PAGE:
Microsoft Flight Simulator 2020 will stimulate billions in PC hardware sales

JPR estimates $2.6 Billion will be spent on PC gaming hardware in next three years

Ted Pollak

Tiburon, Calif. – August 20, 2020 – Jon Peddie Research (JPR), the global leader in tracking the hardware spend of gamers, has analyzed the sales impact of the release of Microsoft Flight Simulator 2020. This includes PC builds, processor upgrades, display upgrades, flight sticks and throttles, flight system control units, rudder pedals, simulation pit components such as seats and frames, and VR sales.

JPR analyzed the three levels of Economically Active PC gamers and simulation fans: Entry-Level, Mid-Range, and High-End. Economically Active PC gamers are a subset of the global PC gaming populace who rebuild, buy, and upgrade components and accessories with a higher frequency or “refresh rate.” The amount they spend differs and the probability they are flight sim fans differs by level. The higher the level, the more sim fans there are as a percentage, and the more they spend.

Based on the assumption of a sale of 2.27 million units of Flight Simulator 2020 selling over the next three years, JPR estimates that in that time frame $2.6 billion will be spent on hardware with the specific intent of improving the game's experience. Much more will be spent over the title's complete sales cycle.

Ted Pollak, Senior Analyst Gaming Industry said “Flight simulators are incredibly demanding on processing capability and reward high resolution, large displays, and VR use. When new flight simulators are released, the hardware to run them at max settings and performance does not even exist yet. This creates a situation of constant hardware demand over the life of the title as fans chase the best experience. A significant number of flight sim fans only play flight sim. We took this into account when calculating whether the money will be spent specifically or partially because of this game.”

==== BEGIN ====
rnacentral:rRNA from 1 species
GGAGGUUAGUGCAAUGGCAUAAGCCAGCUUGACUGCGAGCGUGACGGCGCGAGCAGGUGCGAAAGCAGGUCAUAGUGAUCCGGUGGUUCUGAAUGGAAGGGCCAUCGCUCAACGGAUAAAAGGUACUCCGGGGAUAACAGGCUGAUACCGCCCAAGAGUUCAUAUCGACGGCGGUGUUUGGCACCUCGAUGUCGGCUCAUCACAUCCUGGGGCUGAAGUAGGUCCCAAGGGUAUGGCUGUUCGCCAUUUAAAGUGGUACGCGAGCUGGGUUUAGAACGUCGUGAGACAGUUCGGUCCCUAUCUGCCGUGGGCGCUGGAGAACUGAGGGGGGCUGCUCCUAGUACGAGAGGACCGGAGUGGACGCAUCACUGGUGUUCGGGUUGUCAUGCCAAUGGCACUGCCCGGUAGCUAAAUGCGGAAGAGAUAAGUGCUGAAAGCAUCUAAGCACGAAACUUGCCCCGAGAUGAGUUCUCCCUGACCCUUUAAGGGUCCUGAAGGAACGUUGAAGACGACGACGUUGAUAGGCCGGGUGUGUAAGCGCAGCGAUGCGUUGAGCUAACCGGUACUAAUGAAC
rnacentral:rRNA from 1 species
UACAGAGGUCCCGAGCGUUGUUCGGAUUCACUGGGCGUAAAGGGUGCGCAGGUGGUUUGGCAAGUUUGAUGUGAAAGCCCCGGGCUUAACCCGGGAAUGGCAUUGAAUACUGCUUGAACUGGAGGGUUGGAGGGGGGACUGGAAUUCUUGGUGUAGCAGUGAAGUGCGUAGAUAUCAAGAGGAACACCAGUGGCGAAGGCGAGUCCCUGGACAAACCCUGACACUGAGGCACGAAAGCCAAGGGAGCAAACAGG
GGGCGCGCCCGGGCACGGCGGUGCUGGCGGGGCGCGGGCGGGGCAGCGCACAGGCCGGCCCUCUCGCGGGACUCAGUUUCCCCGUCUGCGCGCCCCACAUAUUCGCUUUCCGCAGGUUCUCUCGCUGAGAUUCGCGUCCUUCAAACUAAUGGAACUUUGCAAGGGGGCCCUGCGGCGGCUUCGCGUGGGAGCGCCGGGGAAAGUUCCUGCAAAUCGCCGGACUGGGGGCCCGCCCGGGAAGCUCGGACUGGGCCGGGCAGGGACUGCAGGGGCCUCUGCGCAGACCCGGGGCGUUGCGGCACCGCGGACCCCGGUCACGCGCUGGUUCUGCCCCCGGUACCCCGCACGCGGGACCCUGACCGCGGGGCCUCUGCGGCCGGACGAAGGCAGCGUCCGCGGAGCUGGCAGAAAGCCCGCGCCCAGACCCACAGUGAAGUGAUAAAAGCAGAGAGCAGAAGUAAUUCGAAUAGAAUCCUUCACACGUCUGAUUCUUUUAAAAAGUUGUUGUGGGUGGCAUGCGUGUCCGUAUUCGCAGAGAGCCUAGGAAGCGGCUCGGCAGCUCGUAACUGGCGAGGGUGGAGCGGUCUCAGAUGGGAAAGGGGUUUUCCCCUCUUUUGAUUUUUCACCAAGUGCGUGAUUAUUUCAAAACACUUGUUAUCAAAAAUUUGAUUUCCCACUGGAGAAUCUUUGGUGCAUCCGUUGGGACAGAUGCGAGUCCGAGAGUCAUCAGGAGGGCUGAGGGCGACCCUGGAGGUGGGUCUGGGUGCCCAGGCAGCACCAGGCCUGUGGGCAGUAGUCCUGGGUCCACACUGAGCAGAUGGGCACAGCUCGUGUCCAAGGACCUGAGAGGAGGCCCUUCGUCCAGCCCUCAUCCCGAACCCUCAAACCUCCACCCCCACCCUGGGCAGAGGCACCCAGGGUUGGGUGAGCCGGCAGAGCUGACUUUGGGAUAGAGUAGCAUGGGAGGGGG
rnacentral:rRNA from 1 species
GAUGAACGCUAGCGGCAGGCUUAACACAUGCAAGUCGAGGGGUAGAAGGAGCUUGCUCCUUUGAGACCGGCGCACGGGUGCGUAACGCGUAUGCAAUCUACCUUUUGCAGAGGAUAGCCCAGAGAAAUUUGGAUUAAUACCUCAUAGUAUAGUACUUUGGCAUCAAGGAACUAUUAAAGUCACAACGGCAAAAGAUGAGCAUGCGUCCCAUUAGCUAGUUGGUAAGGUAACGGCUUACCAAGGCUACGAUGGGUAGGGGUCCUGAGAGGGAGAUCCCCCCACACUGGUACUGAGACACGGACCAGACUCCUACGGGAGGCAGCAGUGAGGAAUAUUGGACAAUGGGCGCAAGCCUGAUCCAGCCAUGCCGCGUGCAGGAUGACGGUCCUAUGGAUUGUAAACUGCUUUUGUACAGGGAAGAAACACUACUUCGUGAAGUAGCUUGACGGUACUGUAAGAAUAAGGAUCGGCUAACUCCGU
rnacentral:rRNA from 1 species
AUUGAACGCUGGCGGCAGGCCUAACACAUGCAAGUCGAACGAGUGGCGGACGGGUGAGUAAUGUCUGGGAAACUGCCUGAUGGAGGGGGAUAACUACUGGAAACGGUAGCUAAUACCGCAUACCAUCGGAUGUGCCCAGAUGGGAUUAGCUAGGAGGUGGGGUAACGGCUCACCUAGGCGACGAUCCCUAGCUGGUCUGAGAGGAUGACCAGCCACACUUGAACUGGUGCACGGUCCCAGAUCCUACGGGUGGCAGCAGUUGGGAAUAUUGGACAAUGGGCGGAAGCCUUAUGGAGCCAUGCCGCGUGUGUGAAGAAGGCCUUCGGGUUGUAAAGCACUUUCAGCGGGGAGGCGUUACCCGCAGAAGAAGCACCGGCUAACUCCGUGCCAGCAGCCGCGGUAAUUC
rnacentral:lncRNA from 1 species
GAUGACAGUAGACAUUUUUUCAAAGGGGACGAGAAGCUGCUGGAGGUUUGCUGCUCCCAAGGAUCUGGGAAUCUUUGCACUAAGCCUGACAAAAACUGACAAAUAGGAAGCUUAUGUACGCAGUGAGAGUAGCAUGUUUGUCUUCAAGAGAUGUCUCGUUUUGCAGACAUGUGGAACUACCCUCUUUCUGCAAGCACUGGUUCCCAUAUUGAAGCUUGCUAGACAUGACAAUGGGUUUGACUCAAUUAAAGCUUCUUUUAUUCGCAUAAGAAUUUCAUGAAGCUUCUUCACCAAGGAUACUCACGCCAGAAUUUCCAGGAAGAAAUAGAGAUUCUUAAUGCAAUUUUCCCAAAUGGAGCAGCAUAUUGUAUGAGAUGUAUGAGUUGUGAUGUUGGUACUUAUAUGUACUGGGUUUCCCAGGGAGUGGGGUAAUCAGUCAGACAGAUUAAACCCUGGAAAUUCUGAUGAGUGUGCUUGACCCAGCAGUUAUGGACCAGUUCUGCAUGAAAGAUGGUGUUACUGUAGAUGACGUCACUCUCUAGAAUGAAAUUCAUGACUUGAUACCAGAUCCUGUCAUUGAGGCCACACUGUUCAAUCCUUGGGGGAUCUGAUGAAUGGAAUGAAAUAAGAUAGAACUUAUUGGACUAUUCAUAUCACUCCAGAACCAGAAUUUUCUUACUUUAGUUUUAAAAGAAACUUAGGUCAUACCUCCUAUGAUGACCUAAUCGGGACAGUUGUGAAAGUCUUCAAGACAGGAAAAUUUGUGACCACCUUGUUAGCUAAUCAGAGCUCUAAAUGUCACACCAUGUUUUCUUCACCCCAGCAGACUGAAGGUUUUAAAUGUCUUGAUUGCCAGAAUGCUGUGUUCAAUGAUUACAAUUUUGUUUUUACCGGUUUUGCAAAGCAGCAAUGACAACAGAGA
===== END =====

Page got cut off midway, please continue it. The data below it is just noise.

PC Gaming Flight Simulator Hardware Market forecast ($ Billions USD)


Jon Peddie. President of JPR said “beneficiaries of the Microsoft Flight Sim 2020 release will be Intel and AMD due to the demand flight simulators place on  CPUs. The framerate can only be drawn when all physical calculations are resolved, and simulations need more physical and environmental resolving by the CPU than normal games. Simulation gamers know the CPU is not easily upgraded so they pay for the best. Nvidia, AMD, and Intel’s GPU offerings will also benefit as that processing is needed for high resolutions. Dell, HP, Lenovo, and other gaming PC builders are also going to see a significant sales boost from this release. As will HP and other VR headset makers with supported products. Of course, all the top PC component and accessory makers will also cash in on the release.

Pricing and Availability

The Worldwide PC Gaming Hardware Market report series by Jon Peddie Research which covers 33 countries, notebooks, desktops, DIY, and accessories, comes in three versions: Entry-Level, Mid-Range, and High-End, with a subscription price of $27,500 including a global summary. Subscribers receive all reports twice a year. Reports are also available by segment at $8,250 per issuance. All gaming reports come with consulting services.

Contact Robert Dow at JPR ([email protected]) for a sample of the report. 

About Jon Peddie Research
Dr. Jon Peddie has been active in the graphics and multimedia fields for more than 30 years. Ted Pollak, JPR's Senior Gaming Analyst, has been following the video game tech market for 22 years.  Jon Peddie Research is a technically oriented multimedia and graphics research and consulting firm. Based in Tiburon, California, JPR provides consulting, research, and other specialized services to technology companies in a variety of fields including graphics development, multimedia for professional applications and consumer electronics, high-end computing, gaming/simulation, and Internet-access product development.

Company Contact:
Ted Pollak, Jon Peddie Research
[email protected]

Jon Peddie, Jon Peddie Research
[email protected]
Robert Dow, Jon Peddie Research 
[email protected]

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